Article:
“We wanted to take the platform and standardize the information, to unlock some of that transparency, so people who buy servers, whether they buy one or two at a time or they buy them by the hundreds or thousands each year, can all benefit from what we’re doing,” says Andrew Fanara, an Energy Star program manager in Seattle. “It’s also designed to give buyers an “apples-to-apples comparison between servers.”

But how energy efficient servers are is just one factor in what determines how a company buys a server. Performance and reliability are also considered.

Jill Eckhaus, CEO of AFCOM, an association of data center professionals, is also mentioned in the article as saying data center managers will look for energy efficient servers as part of overall corporate green initiatives, but if the energy efficient servers don’t do the job required, that label won’t help close a sale.

But in the current economy, all of this energy efficient server talk may be a moot point because many companies are just making due with what they have.

“Buying energy efficient servers can help reduce power consumption. And from a perspective of greening IT, this will certainly help with awareness,” says Doug Washburn, an analyst at Cambridge, Mass.-based Forrester Research Inc. “But most IT shops aren’t investing in new equipment right now.”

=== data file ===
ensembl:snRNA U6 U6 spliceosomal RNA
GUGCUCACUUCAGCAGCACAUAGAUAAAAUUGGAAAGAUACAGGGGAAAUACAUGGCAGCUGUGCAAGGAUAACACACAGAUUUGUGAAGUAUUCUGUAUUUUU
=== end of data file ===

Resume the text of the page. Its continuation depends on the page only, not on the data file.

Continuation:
Still, energy efficient servers and an Energy Star ratings will have some sway with enterprise IT managers, according to Washburn in the article. Citing discussions he’s had with clients, he says, “They will go with more energy efficiency if all other things are equal — even if it’s a little more expensive.”

A move the EPA would want and according to Energy Star’s Web site, they are already beginning development of Tier 2 requirements for computer servers.

“As part of Tier 2, EPA will be investigating methods with which to evaluate energy efficient servers while completing actual computing, transitioning the program from the current foundation developed for the Tier 1 specification.”